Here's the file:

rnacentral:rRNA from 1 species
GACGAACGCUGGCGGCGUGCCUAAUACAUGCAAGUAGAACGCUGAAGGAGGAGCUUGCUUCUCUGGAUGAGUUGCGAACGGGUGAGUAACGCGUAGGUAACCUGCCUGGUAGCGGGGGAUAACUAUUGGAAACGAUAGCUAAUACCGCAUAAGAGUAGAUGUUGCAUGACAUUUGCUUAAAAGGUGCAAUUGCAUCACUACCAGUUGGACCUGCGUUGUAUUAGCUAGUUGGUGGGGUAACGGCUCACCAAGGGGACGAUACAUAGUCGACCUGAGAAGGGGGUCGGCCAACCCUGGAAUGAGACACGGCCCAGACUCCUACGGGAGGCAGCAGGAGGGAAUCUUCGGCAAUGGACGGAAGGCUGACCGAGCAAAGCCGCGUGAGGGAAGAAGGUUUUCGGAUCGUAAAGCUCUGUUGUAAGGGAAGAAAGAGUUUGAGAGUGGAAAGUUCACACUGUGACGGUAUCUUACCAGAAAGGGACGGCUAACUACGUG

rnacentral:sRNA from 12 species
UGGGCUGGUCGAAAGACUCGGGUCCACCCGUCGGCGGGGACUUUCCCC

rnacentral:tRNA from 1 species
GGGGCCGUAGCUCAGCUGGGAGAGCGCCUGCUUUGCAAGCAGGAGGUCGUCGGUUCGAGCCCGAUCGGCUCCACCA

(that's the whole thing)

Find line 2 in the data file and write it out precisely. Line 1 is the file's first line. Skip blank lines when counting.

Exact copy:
GACGAACGCUGGCGGCGUGCCUAAUACAUGCAAGUAGAACGCUGAAGGAGGAGCUUGCUUCUCUGGAUGAGUUGCGAACGGGUGAGUAACGCGUAGGUAACCUGCCUGGUAGCGGGGGAUAACUAUUGGAAACGAUAGCUAAUACCGCAUAAGAGUAGAUGUUGCAUGACAUUUGCUUAAAAGGUGCAAUUGCAUCACUACCAGUUGGACCUGCGUUGUAUUAGCUAGUUGGUGGGGUAACGGCUCACCAAGGGGACGAUACAUAGUCGACCUGAGAAGGGGGUCGGCCAACCCUGGAAUGAGACACGGCCCAGACUCCUACGGGAGGCAGCAGGAGGGAAUCUUCGGCAAUGGACGGAAGGCUGACCGAGCAAAGCCGCGUGAGGGAAGAAGGUUUUCGGAUCGUAAAGCUCUGUUGUAAGGGAAGAAAGAGUUUGAGAGUGGAAAGUUCACACUGUGACGGUAUCUUACCAGAAAGGGACGGCUAACUACGUG